On the "A" w/Souleo: Fashion, Art, Greeting Cards And Music Shakeup New York Fashion Week

Not much has changed since 1979. Well, at least not when it comes to the creative and stylish social circles of New York City, according to Paul Caranicas.
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2016-09-20-1474406837-2334180-photoprovidedbyElMuseodelBarriophotographbySofiaReeserdelRio.jpgPhoto provided by El Museo del Barrio, Photograph by Sofia Reeser del Rio

Not much has changed since 1979. Well, at least not when it comes to the creative and stylish social circles of New York City, according to Paul Caranicas.

"I feel like this is the same as that party back then. I don't know how much people have changed since then but they act the same," said Caranicas during the event, Antonio Lopez: A Photo Cocktail Party. "We are in a very free crowd so I think free people are always free and uptight people are always uptight. But I don't hang around them so I don't know."

During New York Fashion Week (NYFW), Caranicas, who runs the estate of fashion illustrator Antonio Lopez and his creative collaborator Juan Ramos, helped organize the homage to the 1979 party. When it was originally held at NYC's Robert Freidus Gallery the festive celebration included partygoers such as model Pat Cleveland and fashion designer Betsey Johnson posing before a large-format Polaroid camera with the images instantaneously placed on the gallery's walls. This time around the setting changed to the Prince St. Project Space but as Caranicas reflected, the party still felt the same.

2016-09-20-1474406964-7821442-PatClevelandatAntonioLopezAPhotoCocktailParty_photoprovidedbyElMuseodelBarriophotographbySofiaReeserdelRio.jpgPat Cleveland at Antonio Lopez: A Photo Cocktail Party/Photo provided by El Museo del Barrio, Photograph by Sofia Reeser del Rio

Caranicas also was involved in the El Museo del Barrio exhibition currently on display, "ANTONIO LOPEZ: Future Funk Fashion." Lopez and Ramos helped increase representations of gender-based, race and sexual diversity within the world of high-fashion during the 1970s and 1980s. Introducing their legacy to a new generation through the exhibition and the fleeting party experience is exactly what Caranicas had in mind.

"It reflects their whole zeitgeist. Everything that surrounded them was about art and fashion," he said. "I think it is important to carry on their legacy, rediscover them and bring it to the present."

Zang Toi brings Paris to the Runway and Style to Greeting Cards

Fashion designer, Zang Toi arrived on vacation to Paris with his 87-year-old mother and left with a collection's worth of inspiration. The latter was apparent in his spring 2017 presentation with silks, cashmeres, wools, hand-beading and a pleasant twist to several looks featuring kimono sleeves.

"I took my mother for the first time in June to Paris. It was the trip of a lifetime for her," an exuberant Toi shared. "And while there I was dreaming of a beautiful Parisian girl putting on her favorite trench coat with a chic headscarf. She was taking a late morning or early afternoon stroll in St. Germain and taking break at a café while dreaming of her lover. That inspired the looks in the opening. And the second part of the collection was inspired by Monet's Gardens at Giverny with a color palette of lilac, violet and black."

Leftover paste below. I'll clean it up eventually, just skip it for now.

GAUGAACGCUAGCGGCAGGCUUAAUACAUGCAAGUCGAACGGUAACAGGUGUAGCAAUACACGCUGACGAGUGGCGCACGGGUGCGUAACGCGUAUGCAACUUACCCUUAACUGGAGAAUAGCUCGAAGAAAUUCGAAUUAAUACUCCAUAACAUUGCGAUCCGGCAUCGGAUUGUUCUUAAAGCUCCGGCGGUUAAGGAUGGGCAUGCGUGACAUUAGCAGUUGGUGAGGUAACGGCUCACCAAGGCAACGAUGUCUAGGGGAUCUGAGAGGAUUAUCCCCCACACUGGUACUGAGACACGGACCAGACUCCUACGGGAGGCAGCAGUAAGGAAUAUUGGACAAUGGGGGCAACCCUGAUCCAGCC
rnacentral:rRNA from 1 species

2016-09-20-1474407163-5952804-EkaHalimPhotography_B1.jpgEka Halim Photography

2016-09-20-1474407092-7882658-EkaHalimPhotography_BD.jpgEka Halim Photography

The inspiration carried over into his collaboration with social expressions company, Papyrus. Toi's collection of 24 cards and two boxed notes reference signature pieces from his fashion designs with sparkling jewels, beading, whimsical feathers, plush fabrics, and detailed stitching.

2016-09-20-1474407290-2938223-CourtesyofPapyrus_2.jpgCourtesy: Papyrus

"Papyrus is amazing and it love at first sight," he said. "We had a fun journey to create such beautiful greeting cards. It took many sleepless nights to come up with this beautiful collection. I look forward to many more sleepless nights to make the next one more beautiful than this year, so we can sell out."

Macy's Fashion's Front Row Brings the Party

Selling out of a collection is every retailer's dream and Macy's is no exception. To that point, during NYFW they were committed to giving consumers an experience they would value. Macy's Fashion's Front Row presented collections by Calvin Klein, I.N.C. International Concepts, Rachel Roy, Tommy Hilfiger, and more. Entertaining the crowd was Ariana Grande and Flo Rida.

But the real party got started inside of Macy's Herald Square location with a surprise performance by hip-hop legends, Salt-N-Pepa. Check out photo highlights below.

2016-09-20-1474407346-965159-SaltNPepa_PhotobyAstridStawiarzGettyImagesforMacys.jpgSalt-N-Pepa/Photo by Astrid Stawiarz Getty Images for Macy's

2016-09-20-1474407373-250219-DJSpinderella_SaltNPepa_PhotobyAstridStawiarzGettyImagesforMacys.jpgDJ Spinderella/Photo by Astrid Stawiarz Getty Images for Macy's

2016-09-20-1474407415-9917502-DesignerBesteyJohnson_PhotobyAstridStawiarzGettyImagesforMacys.jpgDesigner Betsey Johnson/Photo by Astrid Stawiarz Getty Images for Macy's

2016-09-20-1474407506-8024604-PhotobyAstridStawiarzGettyImagesforMacys.jpgPhoto by Astrid Stawiarz Getty Images for Macy's

The column, On the "A" w/Souleo, covers the intersection of the arts, culture entertainment and philanthropy in Harlem and beyond and is written by Souleo, founder and president of arts administration company, Souleo Enterprises.